(Bloomberg) -- Price pressures in the UK economy showed no signs of abating in September, with executives predicting inflation will remain above the Bank of England target for years.

Chief financial officers polled for the central bank said they expect consumer-price inflation to be running at 9.5% a year from now -- only slightly below the current rate of 9.9%. In three years, inflation is expected to be 4.8%, still more than double the 2% target.

The figures published Thursday suggest the BOE has work to do convince businesses and households that it is getting a grip on the highest inflation in four decades. 

The BOE has raised interest rates seven times since December in an effort to avert a wage-price spiral. However, the task has been made harder by Prime Minister Liz Truss’s government announcing tens of billions of pounds of unfunded tax cuts. Money markets are now pricing in a BOE benchmark rate of 5.75% by May next year -- more than double the current level.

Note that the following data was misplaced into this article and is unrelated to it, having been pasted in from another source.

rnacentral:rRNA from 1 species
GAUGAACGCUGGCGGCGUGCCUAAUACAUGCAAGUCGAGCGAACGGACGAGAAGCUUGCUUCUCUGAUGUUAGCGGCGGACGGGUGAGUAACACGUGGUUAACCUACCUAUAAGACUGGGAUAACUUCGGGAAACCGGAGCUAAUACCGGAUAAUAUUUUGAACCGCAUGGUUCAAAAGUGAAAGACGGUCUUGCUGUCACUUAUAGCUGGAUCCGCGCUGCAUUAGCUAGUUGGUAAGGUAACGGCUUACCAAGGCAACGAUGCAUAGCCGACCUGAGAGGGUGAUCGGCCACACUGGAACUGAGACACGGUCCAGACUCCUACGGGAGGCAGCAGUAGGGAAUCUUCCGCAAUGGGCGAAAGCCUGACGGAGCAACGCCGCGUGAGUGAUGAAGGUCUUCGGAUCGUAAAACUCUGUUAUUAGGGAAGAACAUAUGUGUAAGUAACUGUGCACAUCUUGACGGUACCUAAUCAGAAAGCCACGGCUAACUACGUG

Companies are raising their own prices to protect their profit margins. Questioned last month, they expected to increase prices by almost 6.7% in the next year, the joint highest figure since the Decision Maker Panel survey began at the start of 2017.

Recruitment difficulties remained widespread, with 84% of firms reporting they were finding it hard to recruit people compared to normal. 

The tightness of the labor market is giving workers bargaining power and driving up expenses for companies. Firms expect wages to rise 5.9% in the coming year, while the cost of producing each unit of output is expected to surge 9.1%.

The survey of 2,522 firms was carried out from Sept. 2 to Sept. 16.

 

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